Addiction is an every-day battle. Mornings are struggles to wake up, nights are long and fitful. Mantras against substance abuse become the only words in the internal vocabulary. Recovering from addiction is as much a state of being as the addiction process itself. Many people have only those in support groups to help them through this hard time in their lives.
However, as technology changes, so too does the life of an addict. With the invention of Facebook and Twitter has come a new form of support system. This one includes family, friends, support group members, and perhaps even the addict’s sponsor, all accessible with a few clicks of a mouse. Social media has created a web of people, all interlocking and coming together no matter how many miles separate them. This can be an addict’s greatest ally.
It is midnight. There are no support groups in session, and an addict has that familiar nagging urge again. His sponsor is asleep; his best friends are occupied elsewhere. A decade before, he would have nowhere to turn. Now, however, he needs only to log online to reach out to someone.
In most cases, addicts, by nature, are seeking help. Some of them do not know where to find it, or how to go about using their resources. The ability to vent all of their frustrations and emotions to someone through an online chat, or even just a general status update, can show them that there are people out there that care about them. The online community is an invaluable means to communicate with other people. Facebook has hundreds of groups for addiction recovery with members posting their own stories and connecting through chat or other means. Twitter has thousands of updates every day, and many useful feeds to follow such as @AddictionJrnl, @serenitynews. and @NCADDNational that offer self-help tips to follow and give links to articles about addiction.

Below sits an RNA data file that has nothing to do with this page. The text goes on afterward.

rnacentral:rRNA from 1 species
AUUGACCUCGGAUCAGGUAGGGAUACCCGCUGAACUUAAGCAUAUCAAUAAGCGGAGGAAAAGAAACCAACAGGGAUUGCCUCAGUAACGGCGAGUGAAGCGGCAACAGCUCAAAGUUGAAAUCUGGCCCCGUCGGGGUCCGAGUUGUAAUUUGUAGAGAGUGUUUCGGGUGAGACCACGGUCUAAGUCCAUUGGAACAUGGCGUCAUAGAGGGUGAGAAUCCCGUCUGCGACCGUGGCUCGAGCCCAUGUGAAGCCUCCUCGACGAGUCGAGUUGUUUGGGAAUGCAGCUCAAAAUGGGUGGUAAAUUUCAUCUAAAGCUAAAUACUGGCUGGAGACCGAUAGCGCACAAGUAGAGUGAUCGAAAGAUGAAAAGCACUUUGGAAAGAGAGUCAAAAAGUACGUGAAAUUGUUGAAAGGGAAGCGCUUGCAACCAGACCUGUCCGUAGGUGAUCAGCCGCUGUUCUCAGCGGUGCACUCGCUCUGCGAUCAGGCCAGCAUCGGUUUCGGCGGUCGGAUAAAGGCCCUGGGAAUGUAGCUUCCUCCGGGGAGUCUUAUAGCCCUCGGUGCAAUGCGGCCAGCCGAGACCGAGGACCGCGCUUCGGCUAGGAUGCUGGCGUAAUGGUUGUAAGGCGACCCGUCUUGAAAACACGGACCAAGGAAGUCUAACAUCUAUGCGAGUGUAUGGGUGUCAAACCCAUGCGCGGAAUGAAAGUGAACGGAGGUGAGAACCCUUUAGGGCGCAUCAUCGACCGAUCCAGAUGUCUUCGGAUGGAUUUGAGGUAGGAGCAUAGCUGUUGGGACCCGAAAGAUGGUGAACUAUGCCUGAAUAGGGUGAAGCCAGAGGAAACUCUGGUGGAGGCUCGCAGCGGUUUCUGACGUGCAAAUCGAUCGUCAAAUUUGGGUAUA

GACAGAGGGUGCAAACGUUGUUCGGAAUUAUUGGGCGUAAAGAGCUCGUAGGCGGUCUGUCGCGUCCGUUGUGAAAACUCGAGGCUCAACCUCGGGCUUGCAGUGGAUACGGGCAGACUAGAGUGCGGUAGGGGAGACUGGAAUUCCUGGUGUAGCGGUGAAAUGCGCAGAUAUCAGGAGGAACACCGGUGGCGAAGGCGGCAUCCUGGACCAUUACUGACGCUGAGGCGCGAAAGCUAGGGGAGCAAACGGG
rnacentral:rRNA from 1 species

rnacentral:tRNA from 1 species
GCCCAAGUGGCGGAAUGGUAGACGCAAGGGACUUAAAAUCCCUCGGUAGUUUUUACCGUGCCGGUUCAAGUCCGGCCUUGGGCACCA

There are even websites out there to help addicts connect with others like them through chat or forums. Sites such as addictiontribe.com and cyberrecovery.net were designed specifically with addicts in mind, connecting people together with similar problems. They have links to help find recovery centers, support groups, and even spiritual recovery. Sometimes it just helps to see that you are not alone, and that there are many others out there with the same problems.
It is clear that social media is a wonderful tool to help the recovering addict. It provides 24-hour support seven days a week and promotes the desire to talk it out, rather than reserve all of your emotions for yourself. However, using social media is not a substitute for face-to-face interactions. Those suffering from addiction of any kind need help from real people and should seek support from a therapist, group support systems, or in extreme cases, rehabilitation.
Kathleen Hubert is a blogger who writes on a variety of different sites. Check out more of her work at Refrigerators.org